How far out can I set my closing date?

You’re looking to sell your home, but you’re worried about the closing date. What if your home sells quickly? Maybe you are trying to time your sale to coincide with the purchase of another house, or maybe you just want to give yourself time to move or find another house. Many sellers want to build some flexibility into the process to meet these needs, but depending on the situation and length of time involved, it can be a bad idea.

Normal closing times

close on houseA typical closing time is dictated by how long the mortgage process takes for a buyer. Because getting a mortgage involves applying for a loan, an appraisal and multiple underwriting steps, the mortgage process for your buyer determines how much time you need to allow for closing. At the moment, we are seeing 30-45 day closings to be typical in Seattle. Cash buyers have much more flexibility and could close in a matter of days once the inspection and title insurance is complete.

Don’t try to be too aggressive on a short closing of <30 days unless you have the utmost confidence that a lender can get the loan done early. (Most of them cannot.)

Lengthy closings can kill a deal

Buyers can be a fickle bunch. If a buyer thinks they are closing on your house in 30 days, they’ll probably stop looking at other houses. However, if you ask them to close in 90 days, I can pretty much guarantee that they will still be in “home shopping mode.” If they find something that they like better while they wait for your house, they could back out on you. In fact, if the other property is appealing enough, they may even be willing to part with their earnest money to switch homes.

More time gives more opportunity for something to go wrong with the buyer’s personal situation as well. Maybe they lose their job, get transferred for work or have to deal with a family illness. All of these reasons can kill your deal and put you back on the market looking for a new buyer. (We’ve experienced all three of these with our clients.)

The bottom line is that every day you let go by adds an element of risk to a successful closing, so keep it short and get it closed.

Be aware of mortgage rate locks

Your buyer is likely going to want to lock in their mortgage rate, especially with rates as low as they are right now. Typically, lenders will allow a 30-day rate lock at no cost. If your buyer needs a 60 or 90-day rate lock to meet your closing schedule, that is going to cost money. In fact, it can cost quite a bit of money, or may not even be available for very long time frames.

It only takes one day of crazy global events to send mortgage rates into a tizzy, and a sudden spike in rates could cause you to lose your deal. If you are looking for an abnormally long closing time, you may even want to offer concessions for the buyer to purchase a long-term rate lock.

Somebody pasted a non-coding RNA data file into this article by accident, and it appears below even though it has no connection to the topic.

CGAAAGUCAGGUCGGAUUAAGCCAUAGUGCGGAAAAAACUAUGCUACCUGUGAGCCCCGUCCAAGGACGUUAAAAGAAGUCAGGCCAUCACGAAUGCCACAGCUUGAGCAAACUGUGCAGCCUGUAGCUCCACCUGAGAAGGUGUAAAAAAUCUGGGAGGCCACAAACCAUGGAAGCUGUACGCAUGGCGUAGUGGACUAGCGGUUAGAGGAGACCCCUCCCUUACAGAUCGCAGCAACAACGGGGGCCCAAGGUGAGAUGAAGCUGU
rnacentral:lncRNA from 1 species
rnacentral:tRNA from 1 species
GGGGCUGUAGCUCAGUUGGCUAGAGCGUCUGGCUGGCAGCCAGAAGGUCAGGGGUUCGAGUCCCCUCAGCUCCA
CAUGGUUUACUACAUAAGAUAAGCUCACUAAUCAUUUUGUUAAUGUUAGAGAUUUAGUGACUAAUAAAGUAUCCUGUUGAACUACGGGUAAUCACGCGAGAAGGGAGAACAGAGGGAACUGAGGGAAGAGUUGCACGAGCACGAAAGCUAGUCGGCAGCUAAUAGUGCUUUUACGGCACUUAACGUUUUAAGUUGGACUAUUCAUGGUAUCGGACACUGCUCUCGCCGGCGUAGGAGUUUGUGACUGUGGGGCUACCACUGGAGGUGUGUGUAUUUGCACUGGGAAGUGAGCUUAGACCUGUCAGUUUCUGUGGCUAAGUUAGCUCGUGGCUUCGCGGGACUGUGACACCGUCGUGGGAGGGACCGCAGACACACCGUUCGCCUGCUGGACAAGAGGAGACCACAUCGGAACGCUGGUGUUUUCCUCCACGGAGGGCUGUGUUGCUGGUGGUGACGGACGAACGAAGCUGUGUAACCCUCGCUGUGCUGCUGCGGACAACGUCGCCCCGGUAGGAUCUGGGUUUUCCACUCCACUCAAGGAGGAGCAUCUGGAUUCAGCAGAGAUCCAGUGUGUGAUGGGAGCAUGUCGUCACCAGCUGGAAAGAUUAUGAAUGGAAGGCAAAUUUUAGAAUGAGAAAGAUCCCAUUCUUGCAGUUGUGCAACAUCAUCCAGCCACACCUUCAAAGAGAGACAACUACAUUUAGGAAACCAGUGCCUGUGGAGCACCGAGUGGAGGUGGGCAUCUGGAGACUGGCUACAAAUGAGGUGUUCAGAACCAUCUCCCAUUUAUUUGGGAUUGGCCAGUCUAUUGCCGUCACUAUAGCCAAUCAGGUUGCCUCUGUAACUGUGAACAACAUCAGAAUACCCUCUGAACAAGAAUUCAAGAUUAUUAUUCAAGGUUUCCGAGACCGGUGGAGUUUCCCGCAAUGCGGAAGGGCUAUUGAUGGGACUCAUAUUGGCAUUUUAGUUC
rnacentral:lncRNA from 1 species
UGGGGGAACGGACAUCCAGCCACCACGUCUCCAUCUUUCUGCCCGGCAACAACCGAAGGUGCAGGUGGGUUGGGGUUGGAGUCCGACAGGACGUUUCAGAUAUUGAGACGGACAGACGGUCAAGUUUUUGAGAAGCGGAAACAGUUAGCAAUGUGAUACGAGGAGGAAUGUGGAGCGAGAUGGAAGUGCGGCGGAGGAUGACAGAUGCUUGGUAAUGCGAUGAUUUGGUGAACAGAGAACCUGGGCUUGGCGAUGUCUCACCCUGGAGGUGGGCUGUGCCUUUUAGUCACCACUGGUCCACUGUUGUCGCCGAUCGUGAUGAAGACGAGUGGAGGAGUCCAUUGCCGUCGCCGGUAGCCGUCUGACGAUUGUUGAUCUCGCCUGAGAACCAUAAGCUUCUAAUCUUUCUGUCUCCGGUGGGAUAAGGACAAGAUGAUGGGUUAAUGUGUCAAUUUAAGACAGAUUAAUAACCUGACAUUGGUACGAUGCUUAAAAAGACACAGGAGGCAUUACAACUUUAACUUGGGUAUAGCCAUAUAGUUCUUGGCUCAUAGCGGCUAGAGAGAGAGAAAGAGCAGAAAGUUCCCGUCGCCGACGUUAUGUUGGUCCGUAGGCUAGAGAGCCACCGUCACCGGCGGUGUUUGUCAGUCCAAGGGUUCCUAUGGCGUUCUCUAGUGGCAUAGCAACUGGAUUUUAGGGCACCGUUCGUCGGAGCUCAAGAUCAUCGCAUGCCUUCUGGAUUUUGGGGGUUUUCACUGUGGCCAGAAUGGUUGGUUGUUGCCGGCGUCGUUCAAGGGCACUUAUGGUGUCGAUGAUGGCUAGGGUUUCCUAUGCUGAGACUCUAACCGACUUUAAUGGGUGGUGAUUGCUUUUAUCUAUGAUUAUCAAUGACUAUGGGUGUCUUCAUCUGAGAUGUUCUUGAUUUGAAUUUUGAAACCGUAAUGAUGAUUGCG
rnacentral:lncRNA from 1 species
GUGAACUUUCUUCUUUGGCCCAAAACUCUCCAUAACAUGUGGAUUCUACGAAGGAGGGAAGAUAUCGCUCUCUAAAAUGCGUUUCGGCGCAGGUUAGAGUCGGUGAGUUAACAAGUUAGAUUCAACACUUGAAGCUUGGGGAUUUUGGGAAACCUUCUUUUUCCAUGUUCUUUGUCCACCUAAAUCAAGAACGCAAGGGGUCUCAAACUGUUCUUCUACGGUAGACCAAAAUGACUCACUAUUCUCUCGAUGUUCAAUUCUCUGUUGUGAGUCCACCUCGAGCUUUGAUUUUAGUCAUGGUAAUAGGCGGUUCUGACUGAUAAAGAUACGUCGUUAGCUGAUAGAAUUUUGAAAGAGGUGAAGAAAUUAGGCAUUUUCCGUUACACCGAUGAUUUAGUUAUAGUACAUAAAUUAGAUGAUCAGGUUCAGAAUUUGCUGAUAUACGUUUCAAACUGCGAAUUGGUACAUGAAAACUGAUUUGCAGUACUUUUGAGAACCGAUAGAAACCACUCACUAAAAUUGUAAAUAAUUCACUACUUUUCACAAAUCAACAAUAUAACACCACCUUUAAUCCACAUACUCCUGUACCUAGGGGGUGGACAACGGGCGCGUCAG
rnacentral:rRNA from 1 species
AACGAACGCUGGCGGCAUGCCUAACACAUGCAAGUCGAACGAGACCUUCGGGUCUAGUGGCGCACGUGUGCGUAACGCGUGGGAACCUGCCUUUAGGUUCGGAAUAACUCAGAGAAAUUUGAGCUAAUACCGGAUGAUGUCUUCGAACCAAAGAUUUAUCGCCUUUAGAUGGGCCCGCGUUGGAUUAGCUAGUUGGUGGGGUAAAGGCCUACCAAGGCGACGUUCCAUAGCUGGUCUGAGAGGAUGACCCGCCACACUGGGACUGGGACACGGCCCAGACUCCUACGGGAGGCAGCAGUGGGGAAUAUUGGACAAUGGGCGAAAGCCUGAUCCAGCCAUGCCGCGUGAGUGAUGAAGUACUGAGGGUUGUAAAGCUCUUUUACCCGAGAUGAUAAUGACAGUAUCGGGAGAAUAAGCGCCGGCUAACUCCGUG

Rent backs can be messy

One option home sellers may ask for is the ability to rent back their home for a few days or a few weeks after closing. This may sound like a great idea to a seller, but a buyer isn’t going to be so keen on it. Obviously it introduces a bunch of new liability for the buyer. What happens if the house burns down during the 2-week rent back? Or what if there is a pipe burst with massive damage? The buyer needs to make sure they are protected with their own insurance, and there needs to be some sort of lease agreement in place that dictates the terms of the rental. A buyer’s recourse if something goes wrong with the house prior to closing is to halt the closing. Once closing has occurred, all of the money is given to the seller and the buyer is left with little recourse other than costly legal proceedings.

On a more basic level, buying a home is exciting. No one likes delayed gratification. How would you feel if you took every penny out of your savings, went down to the car dealership and bought a fancy new car on the lot, only to be told to come and pick it up 30 days from now? Did I mention that the car is going to sit in the lot for those 30 days so you can drive by and look at it but not touch it? Same principle applies here. The savvy home seller caters to this basic emotion, even if it means they have to seek temporary housing for a bit after their sale.

Strategies for home sellers

The goal for every home seller is to get the most money for their house with the least amount of hassle and risk. The way to achieve this is to cater to what buyers are looking for and keep your closing time short. There are scenarios when asking for a short rent back or particular closing date makes sense, but use that request sparingly and recognize that requests for abnormally long closing terms are going to shrink your pool of potential buyers and introduce more risk to your sale.

  • Pushing back your closing time not only makes you lose a buyer, but it also means the house will be staying on the market longer, which might cause it to lose value over time. Always make sure that you have a back-up plan once you close.

  • Pepper

    I wish the question had been answered. How far out can you go?

    • Gabriel Luci

      The answer really is that there is no limit. It’s all about what the buyer and seller agree to. If you want a closing date 1 year from now, you can do it, but only if the other party agrees. The further in the future you go, the less likely it is that they’ll agree.